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The Group of Eight (G8) refers to the group of eight highly industrialized nations that hold a summit.

The G8 summit is an annual meeting between leaders from eight of the most powerful countries in the world.

The aim is to try to foster consensus on global issues like economic growth and crisis management, global security, energy, and terrorism.

The leaders of the countries meet every year in a different member country.

The G8 is represented by the governments of Canada, France, Germany, Italy, Japan, Russia, the United Kingdom, and the United States.

The G8 comprises its six charter members, in addition to Canada, which joined in 1976, and Russia, which became a fully participating member by 1998.

The EU is a “nonenumerated” ninth member; represented by the presidents of the European Council and European Commission, the EU participates as an equal.

While there are no formal criteria for membership, member states are expected to be democracies and have highly developed economies.

The G8, unlike the United Nations, is not a formal institution, and there is no charter or secretariat.

The presidency, a position responsible for planning ministerial meetings and the annual summit, rotates among the member states.

What’s the history behind the G8?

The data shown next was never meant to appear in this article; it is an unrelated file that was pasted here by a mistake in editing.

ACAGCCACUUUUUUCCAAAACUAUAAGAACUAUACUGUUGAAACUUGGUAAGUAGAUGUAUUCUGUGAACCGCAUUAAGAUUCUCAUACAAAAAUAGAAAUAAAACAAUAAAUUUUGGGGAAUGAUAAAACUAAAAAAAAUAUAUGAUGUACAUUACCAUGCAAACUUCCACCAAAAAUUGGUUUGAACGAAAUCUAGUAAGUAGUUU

During the early 1970s, the United States held a series of informal meetings with financial officials from the United Kingdom, West Germany, Japan, and France to discuss economic challenges facing advanced industrial economies.

It was formed because of big worldwide money troubles in the early 1970s, which prompted the US to form something called the library group, a meeting of senior financial officials from Europe, Japan, and the U.S.

In 1975, heads of governments became involved and they agreed to meet every year.

French President Valéry Giscard d’Estaing invited the heads of state and government from these countries and Italy to Rambouillet, France for a summit to discuss the oil crisis and economic recovery.

That meeting – the first G6 Summit – released in a fifteen point declaration and agreed to hold an annual summit under a rotating presidency among the members.

The following year, Canada was invited to join the group for a summit in Puerto Rico under the presidency of the United States, forming the Group of Seven (G7) in 1976.

In 1977, the President of the European Commission was invited to attend the meeting. The President of the European Council now regularly attends as well.

Russia began to engage in separate meetings with G7 leaders in 1994 and formally joined the group in 1997 at the invitation of U.S. President Bill Clinton and U.K. Prime Minister Tony Blair.

The group then became the Group of Eight (G8).

What happens at the G8?

The G8 summit is a busy schedule of meetings, statements, and photographs for the press.

On the second day of the summit, leaders gather for an informal talk without lots of officials or the media.

In the past leaders have discussed issues such as peace in the Middle East, aid for the developing world, and how to stop terrorism.

The G8 members can agree on plans and set objectives but they can’t force anyone to agree with them.

However, the wealth and power of the G8 members mean they are often listened to by other countries.

How long does the summit last for?

The G8 summit lasts for two days.